In Orillia, a Canadian city in the province of Ontario, a unique monument stands on a point of land surrounded by the fresh waters of expansive Lake Simcoe. The monument celebrates the songs of Gordon Lightfoot, the famed native troubadour of that city who died this week at 84.
In the center of a wreath of maple leaves, the bearded and sandaled Lightfoot statue sits cross-legged, cradling a six-string guitar. It’s not hard to imagine that this quintessential romantic hippie is singing one of his trademark melancholy songs: Sundown maybe, Rainy Day People, Song for a Winter’s Night or his classic If You Could Read My Mind.
“I don’t know where we went wrong but the feeling’s gone and I just can’t get it back.”
The girl he was singing to, of course, is no longer part of the scene.
“I walk away like a movie star who’s been burned in a three-way script.”
Many of us have shared these emotions at one time or another, and Lightfoot, like many successful artists, spent a folk-singing career tapping into those common bonds. In doing so, the singer/songwriter helped create the soundtrack for the lives of millions of baby boomers who came of age in the 1970s and 1980s.
Becky and I hiked a fine trail along the shore of Lake Simcoe to visit the monument late last summer. We were cruising on the Trent-Severn Waterway which passes through the expansive lake before eventually emptying into the 30,000 islands of Georgian Bay. Gordon’s a favorite on my phone’s playlist so I couldn’t pass up the opportunity to see how his hometown had honored him. Nice that the honor came while his fame was firmly established and he was still performing.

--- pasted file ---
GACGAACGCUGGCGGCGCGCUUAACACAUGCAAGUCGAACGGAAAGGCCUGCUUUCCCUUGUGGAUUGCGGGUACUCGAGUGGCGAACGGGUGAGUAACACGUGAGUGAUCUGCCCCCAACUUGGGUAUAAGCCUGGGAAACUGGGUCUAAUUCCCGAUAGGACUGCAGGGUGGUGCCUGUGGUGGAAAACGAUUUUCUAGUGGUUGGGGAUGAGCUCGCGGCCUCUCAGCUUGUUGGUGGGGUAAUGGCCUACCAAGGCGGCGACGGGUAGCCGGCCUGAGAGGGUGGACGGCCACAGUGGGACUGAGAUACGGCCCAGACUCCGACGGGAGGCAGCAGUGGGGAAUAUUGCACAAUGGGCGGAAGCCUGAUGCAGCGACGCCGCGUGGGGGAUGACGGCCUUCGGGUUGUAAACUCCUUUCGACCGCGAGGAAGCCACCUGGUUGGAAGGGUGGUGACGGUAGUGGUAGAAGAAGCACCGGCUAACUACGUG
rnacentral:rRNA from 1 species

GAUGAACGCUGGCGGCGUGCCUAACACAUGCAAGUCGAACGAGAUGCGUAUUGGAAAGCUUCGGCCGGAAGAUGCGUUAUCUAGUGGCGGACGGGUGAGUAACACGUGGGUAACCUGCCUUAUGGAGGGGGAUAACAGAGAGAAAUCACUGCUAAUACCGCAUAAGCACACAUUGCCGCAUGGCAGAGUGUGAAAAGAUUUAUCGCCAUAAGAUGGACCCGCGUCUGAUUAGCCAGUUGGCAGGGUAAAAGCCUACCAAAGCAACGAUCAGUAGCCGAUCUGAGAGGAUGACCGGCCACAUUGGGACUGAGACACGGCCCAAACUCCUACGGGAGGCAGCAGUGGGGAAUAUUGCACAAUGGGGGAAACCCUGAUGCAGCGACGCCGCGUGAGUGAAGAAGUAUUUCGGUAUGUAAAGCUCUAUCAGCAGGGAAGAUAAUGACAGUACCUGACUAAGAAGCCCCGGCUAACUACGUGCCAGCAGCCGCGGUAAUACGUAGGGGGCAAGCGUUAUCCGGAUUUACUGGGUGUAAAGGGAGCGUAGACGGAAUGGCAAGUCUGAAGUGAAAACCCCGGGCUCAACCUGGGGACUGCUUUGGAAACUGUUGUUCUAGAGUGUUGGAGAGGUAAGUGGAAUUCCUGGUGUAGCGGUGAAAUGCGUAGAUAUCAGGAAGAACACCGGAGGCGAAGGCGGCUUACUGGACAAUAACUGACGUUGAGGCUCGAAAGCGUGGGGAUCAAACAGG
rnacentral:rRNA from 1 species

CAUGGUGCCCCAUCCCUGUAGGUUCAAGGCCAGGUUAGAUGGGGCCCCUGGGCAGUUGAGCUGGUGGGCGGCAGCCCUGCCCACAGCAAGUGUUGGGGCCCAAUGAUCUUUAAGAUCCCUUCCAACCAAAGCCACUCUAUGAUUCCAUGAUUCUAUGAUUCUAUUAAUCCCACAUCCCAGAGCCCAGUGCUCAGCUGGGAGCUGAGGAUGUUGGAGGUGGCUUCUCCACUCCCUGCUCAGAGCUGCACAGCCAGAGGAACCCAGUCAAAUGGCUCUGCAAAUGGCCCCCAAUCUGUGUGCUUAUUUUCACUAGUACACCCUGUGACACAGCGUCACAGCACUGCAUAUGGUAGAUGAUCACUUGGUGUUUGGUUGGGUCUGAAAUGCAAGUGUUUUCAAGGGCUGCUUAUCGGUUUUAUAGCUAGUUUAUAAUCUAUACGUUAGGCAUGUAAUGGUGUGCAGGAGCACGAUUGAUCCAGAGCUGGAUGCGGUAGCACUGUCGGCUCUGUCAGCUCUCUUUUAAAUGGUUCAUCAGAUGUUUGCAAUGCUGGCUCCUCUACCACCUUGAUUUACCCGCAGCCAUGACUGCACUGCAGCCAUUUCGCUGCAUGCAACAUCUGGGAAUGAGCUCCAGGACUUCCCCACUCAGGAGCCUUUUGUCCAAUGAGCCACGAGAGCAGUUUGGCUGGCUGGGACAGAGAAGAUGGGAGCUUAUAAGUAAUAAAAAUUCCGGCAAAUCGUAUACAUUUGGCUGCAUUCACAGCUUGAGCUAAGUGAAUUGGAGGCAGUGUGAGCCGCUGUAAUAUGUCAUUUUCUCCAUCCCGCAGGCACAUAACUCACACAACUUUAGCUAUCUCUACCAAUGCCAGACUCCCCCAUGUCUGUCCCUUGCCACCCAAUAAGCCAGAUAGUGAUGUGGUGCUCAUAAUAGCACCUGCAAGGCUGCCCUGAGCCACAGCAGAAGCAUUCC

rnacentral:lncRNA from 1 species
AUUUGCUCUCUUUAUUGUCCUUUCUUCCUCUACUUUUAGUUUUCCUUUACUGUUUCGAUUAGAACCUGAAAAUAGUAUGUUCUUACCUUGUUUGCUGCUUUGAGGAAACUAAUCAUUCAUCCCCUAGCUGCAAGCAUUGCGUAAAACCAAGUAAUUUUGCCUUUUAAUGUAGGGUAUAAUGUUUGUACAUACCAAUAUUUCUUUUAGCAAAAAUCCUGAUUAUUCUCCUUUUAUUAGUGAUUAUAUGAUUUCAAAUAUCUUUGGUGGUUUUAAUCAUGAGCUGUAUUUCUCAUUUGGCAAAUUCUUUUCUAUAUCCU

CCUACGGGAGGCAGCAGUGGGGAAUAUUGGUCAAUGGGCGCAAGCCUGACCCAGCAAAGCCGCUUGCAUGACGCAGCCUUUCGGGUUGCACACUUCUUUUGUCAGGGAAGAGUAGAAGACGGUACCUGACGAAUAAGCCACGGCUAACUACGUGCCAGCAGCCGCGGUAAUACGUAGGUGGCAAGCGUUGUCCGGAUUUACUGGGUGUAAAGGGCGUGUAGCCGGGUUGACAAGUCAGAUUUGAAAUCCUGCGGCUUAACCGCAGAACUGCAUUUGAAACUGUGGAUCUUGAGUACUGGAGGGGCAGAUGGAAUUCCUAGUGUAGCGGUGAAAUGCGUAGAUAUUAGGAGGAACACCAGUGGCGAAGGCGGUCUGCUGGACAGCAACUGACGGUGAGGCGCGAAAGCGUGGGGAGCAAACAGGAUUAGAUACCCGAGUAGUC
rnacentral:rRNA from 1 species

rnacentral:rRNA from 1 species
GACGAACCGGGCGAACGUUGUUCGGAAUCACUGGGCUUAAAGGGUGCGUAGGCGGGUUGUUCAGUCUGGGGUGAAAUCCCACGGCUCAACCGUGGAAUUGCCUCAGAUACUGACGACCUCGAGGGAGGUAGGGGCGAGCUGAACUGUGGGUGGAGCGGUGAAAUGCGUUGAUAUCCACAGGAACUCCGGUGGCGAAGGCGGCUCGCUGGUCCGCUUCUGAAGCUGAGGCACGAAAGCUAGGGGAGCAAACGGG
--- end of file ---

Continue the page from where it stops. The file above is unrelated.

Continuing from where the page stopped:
Georgian Bay is west of Lake Simcoe. North of and an offshoot of Lake Huron, it is part of the Great Lakes system shared by Canada and the US.
The lakes are known for their powerful winter storms, one of which spelled the doom of the coal freighter Edmund Fitzgerald, and all 29 members of its crew, in a sudden Lake Superior gale in November of 1975. Lightfoot ensured the lasting memory of that tragic event in his hauntingly beautiful ballad Wreck of the Edmund Fitzgerald.
We coastal dwellers, who watch the weather so closely, are fortunate to understand the language of boats running ahead of fair winds, and boats running toward protected harbors from threatening storms and winds. We are fortunate also that Lightfoot shared his singing and songwriting talent, and familiarity with the language of the waters, in many songs including one about Georgian Bay’s Christian Island.
Lightfoot’s poetry, in the song by the same name, captures the natural human longing and appreciation for safety and security, especially in the nervousness of uncertain times and places:
“She’s a good old boat and she’ll stay afloat
Through the toughest gale and keep smilin’,
But for one more day she would like to stay
In the lee of Christian Island.”
Dennis Forney has been a publisher, journalist and columnist on the Delmarva Peninsula since 1972. He writes from his home on Grace Creek in Bozman.